We didn’t hear it, we just smelled it. First it was that warm, overly pungent odor of pet food that has been “cooked by ingestion”, then it was the kind of poop smell that is so strong it would have visible green stink waves if it were in a cartoon. Ali and I just looked at each other and I said silently to myself, “thank god I’m driving right now.” Kitty was sick.

Luckily, Kitty had barfed all over a wind-breaker jacket that Ali had put on the floor, easy enough to hose off once we got to camp, and the pool of the brownest foulest poop-soup was in the litter box. Ali put Kitty back in the tent, and did her best to contain the seepage and deodorize the cabin, while I kept us aimed at Morro Bay from the cock pit.

Just 11 miles left now, Ali is at the wheel, we exit 101 and get back onto Highway 1 again and head out to the coast winding our way through gorgeous sunset-lit hills. No need for sunglasses now, the light has left us, and Garmin says we’re about to turn into the State Park, but she doesn’t know where the campground is. (I’m changing verb tense now so that you can be in the moment with us.)

Crap! We’re heading into town. Ali pulls us over to the side of the narrow road, and we’re so long we’re blocking an entire street entrance, but we don’t care. We know we need to be going the opposite direction on this road, but there’s zero u-turn potential. Garmin shows we can turn left, left, left around the next block. Kitty yells from the back. We both yell back, “shut up barf-bag, we’re doing the best we can!”

It’s really dark now, but we’re headed in the right direction. I think we must be almost there when Ali sees the flapping behind us. We’ve lost a tie-down strap on the scooter. Oh wait, what did that sign say? CRAP! We just passed the campground. Ali pulls us over to the side of the road again, this time on a fairly nice shoulder, and flips on our back-up lights so we can see what’s come undone.

Fortunately, the strap (one of 5 that we have tying down the scooter) is still hanging on to the rack by its hook so we didn’t lose it, but it definitely has the look of something that’s been dragged for several miles. Much like us at this point, the tie-down strap is crying out for a cocktail or a substitution from the game. SUB, coach! Please!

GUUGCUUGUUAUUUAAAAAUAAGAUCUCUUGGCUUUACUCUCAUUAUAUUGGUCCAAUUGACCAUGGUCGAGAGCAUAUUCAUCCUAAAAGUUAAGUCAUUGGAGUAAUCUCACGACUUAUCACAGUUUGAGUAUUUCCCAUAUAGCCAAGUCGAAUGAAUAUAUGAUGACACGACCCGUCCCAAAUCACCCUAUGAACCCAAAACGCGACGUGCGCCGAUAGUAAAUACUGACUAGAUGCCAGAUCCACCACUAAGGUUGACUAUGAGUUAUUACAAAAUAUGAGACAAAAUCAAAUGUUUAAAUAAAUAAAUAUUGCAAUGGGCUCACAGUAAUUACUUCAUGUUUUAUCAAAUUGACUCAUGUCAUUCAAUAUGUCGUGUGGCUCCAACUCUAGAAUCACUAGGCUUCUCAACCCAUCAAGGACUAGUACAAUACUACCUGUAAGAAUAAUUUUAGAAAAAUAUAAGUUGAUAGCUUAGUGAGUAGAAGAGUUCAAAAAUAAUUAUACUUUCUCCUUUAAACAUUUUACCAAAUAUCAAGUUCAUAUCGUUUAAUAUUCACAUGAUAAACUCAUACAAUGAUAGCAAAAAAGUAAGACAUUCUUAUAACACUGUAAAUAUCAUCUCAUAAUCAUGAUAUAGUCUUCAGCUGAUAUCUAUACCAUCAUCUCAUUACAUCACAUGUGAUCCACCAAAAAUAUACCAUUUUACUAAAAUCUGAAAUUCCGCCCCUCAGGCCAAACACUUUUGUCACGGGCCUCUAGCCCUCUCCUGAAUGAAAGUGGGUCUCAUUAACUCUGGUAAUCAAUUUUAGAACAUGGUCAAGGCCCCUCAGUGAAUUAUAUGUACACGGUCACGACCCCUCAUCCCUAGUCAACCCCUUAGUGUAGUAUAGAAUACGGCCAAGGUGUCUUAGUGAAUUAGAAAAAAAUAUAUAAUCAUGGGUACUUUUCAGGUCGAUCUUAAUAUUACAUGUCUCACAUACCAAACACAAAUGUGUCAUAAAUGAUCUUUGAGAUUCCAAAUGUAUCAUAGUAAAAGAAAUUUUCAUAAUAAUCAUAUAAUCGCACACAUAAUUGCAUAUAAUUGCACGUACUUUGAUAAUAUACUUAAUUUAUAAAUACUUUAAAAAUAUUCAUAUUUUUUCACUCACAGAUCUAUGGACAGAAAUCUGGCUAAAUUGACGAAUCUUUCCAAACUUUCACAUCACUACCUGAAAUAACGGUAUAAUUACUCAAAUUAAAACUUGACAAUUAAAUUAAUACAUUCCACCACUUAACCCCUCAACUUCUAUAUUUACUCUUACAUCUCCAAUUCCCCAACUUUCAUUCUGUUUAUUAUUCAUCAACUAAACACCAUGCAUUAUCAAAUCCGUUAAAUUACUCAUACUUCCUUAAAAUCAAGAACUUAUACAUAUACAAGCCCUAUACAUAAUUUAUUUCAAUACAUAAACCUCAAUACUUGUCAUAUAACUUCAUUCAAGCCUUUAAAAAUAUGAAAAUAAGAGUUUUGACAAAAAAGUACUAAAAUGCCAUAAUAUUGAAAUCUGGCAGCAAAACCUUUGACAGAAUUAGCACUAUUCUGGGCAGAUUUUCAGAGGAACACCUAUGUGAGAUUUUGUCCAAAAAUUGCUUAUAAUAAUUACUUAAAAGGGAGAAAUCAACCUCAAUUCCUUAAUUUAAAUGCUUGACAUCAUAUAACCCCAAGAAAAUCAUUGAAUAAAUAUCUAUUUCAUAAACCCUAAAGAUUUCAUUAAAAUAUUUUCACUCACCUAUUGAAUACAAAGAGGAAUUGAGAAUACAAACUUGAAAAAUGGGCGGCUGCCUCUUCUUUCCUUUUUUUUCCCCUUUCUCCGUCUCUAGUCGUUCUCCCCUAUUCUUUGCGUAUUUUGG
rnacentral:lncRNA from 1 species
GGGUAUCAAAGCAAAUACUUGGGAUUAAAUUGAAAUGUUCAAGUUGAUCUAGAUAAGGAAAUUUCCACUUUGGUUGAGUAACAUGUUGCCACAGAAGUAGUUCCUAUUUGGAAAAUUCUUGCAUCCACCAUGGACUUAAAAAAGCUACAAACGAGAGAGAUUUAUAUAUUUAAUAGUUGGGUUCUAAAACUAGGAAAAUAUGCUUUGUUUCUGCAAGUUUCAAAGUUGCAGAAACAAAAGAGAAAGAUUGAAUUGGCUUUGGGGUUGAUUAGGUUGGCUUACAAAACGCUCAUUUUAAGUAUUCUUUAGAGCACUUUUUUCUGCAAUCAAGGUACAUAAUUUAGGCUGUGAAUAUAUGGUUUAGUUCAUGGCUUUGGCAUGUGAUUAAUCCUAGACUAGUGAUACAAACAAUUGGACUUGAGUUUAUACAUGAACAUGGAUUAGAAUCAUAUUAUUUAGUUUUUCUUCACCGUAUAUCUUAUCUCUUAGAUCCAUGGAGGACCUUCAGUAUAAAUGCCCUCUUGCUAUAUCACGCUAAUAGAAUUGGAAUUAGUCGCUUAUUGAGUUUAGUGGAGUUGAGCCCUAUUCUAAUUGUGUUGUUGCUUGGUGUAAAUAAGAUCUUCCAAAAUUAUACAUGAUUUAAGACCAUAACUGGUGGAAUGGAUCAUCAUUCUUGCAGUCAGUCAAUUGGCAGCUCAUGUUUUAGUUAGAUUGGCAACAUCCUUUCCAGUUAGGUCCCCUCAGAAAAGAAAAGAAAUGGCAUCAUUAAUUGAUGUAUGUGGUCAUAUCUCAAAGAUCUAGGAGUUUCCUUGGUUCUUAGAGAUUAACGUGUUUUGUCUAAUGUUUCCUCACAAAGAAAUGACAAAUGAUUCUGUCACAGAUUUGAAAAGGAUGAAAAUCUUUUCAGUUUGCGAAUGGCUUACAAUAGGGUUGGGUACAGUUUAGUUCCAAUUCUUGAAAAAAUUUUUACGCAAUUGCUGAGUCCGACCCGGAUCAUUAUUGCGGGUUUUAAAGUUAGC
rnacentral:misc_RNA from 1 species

I leave Ali with the strap and head out on foot across the grassy field back to the ranger station to confirm that this is indeed where we need to be, before we tackle the logistics of another turn-around. There’s no one in the little hut since it’s 6:30pm at this point and the sign just says to pick a camp spot and fill out a self-registration card with your payment. Ok, we’re so close now!

Back at the rig, Ali and I decide to unhook the car so that she can go into the park ahead of me to scout for a spot, and so that my planned 3 point u-turn in the RV will be less encumbered. No problems, we’re sailing now. We can’t see any signs really or campsite numbers, but Ali picks us a nice wide spot (turns out it was a handicapped spot so we had to move in the morning, but oh well). We don our head lamps, crank down the stabilizers, plug in the electric and water, extend out the slides, set the barf-covered jacket outside and get out the booze.

At 7:30pm, with cocktails in hand, families reassured that we’ve arrived safely, a cat in the lap with her eyes closed, we finally indulged in the relieved grins and glory deserved by all adventure astronauts.

The RV has landed!

The next day was gorgeous in Morro Bay, we rode bikes all through town, walked along the beach, had a delicious wine and cheese dinner and felt the first inklings of relaxation.